Computing with Measures

While computing with measures is good for reasoning, I do not want it for computation itself, because it is too expensive. For reasoning, it is good though, because it explains how the function will behave when you call it often.

Always passing a seed around implies pseudo random generators. Nothing against them, but for a language definition I'd like real randomness. In "practice", one can imagine just including a new CPU instruction which generates a new random number whenever called. Apart maybe from caching issues this would not be different than any other CPU instruction!

Also, passing around an oracle, or a random seed is not good for reasoning about the program, because it makes it actually more difficult for reasoning about the program by creating a connection between the different random numbers, whereas for reasoning you need the independence of them.

Flat representation of distributions

As you mentioned, one way is to explicitly return some sort of "flat" representation of the distribution like "(50% : a, 50% : b)".

I am only familiar with it to the extent of playing around with the examples in the tutorial, but this sounds very much like the approach taken by IBAL.

Looks very interesting, I'll

Looks very interesting, I'll look into it.


See also Hansei.


can we start up a collection tin for getting Oleg's head on ice when the time comes?

Functional, but with implicit domain

Also, as I write in my blog, I think you can see "weakly purely functional" as "strongly purely functional" in disguise by just lifting the domain and range of the functions.

This sentence fills me with great fear: You can also see "imperative" as "strongly purely functional" by lifting the domain and range of the functions to include the implicit global state. Well, not that it matters—there's nothing wrong with imperative code—but, as others have mentioned, why call your language something that it's not?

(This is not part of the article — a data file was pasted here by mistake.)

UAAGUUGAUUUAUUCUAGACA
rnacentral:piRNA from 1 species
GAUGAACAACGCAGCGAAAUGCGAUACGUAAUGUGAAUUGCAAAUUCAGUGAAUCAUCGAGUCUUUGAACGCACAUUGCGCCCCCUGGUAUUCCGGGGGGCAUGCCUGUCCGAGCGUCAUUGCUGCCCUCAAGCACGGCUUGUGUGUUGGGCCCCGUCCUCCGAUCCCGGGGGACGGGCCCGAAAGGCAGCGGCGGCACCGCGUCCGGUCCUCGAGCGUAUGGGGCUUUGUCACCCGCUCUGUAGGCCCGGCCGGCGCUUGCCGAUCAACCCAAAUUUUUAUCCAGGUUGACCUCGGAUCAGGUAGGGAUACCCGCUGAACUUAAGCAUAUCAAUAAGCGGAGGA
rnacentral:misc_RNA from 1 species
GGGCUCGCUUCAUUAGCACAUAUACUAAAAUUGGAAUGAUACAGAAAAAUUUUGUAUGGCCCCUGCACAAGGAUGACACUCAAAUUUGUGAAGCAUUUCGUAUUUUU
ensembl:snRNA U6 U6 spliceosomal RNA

Lol. You have a point there.

Lol. You have a point there. I guess what I mean what is special about the way lifting is done in the case of random and choice is:

First you lift the result range. You do not need any new input arguments, so weakly pure functions become strongly pure functions by just changing the result range.

The lifting of the domain is done now only as a consequence of the result range lifting. So a weakly pure function really is a function, but at one particular run of the program you see only different manifestations of this function. Maybe a better name for "weakly pure function" would be "quantum function" :-)

A better term

Instead of overloading the word "pure" and inviting arguments over meaning, why not invent a better term for what you want? Isolatable? Contextless?

A new name is a good idea,

A new name is a good idea, but I would like it somehow shorter than isolatable or contextless. What about "clean" :-)

Non-determinism != Probabilistic

For one. And probabilistic isn't pure, but probabilistic.

Wow! Speaking in riddles here?

A probabilistic pure language is fine.

A probabilistic impure language is fine.

A probabilistic non-deterministic language is fine, but hard to implement. (Unless you confine yourself to small programs, or happen to have the latest x86-nondet processor. I own one ;) )

A (probabilistic) non-deterministic language where non-determinism equals some sort of probability is just a misnomer.

[My 2cts, Happy New Year!!!]

Well, a probabilistic

Well, a probabilistic function is very often non-deterministic. For my purposes, it makes sense to treat probability and non-determinism in the same context.

What do you mean by x86-nondet? Tell me more.

These are just definitions

A non-deterministic program just isn't probabilistic[1]. Say you have a non-deterministic program which chooses between the result 1 and a choice between the result 2 and itself (say, f = 1 | (2 | f)). Now, I'll wave non-termination away for a moment...

The result of the program is either 1, or 2. There are no probabilities involved - that's just how non-deterministic algorithms are defined.

The x86-nondet processor was a gift specially brought by by Rudolf and Clause a few days ago which I greatly appreciated. Unfortunately, it either gives tea or coffee and insists in smoking all my cigarettes. The coffee tastes lousy btw.

You cannot 'run' non-deterministic programs unless you have a non-deterministic machine, Turing or otherwise.*

Happy New Year!!!

[1] But you might firmly believe they are in the same complexity class, in which case, I'll jump on the band-wagon and firmly start believing similarly, if I didn't already.

[Edit: Actually you can see the difference easily in that f = (1|(2|f)) is equivalent to f = (1|2)|f non-deterministically, but certainly not so probabilistically if you assume a 50%/%50% chance distribution for choice |.]

[Edit2: *Ok, you can run them, but you end up with probabilistic behaviour, not non-deterministic in the mathematical sense.]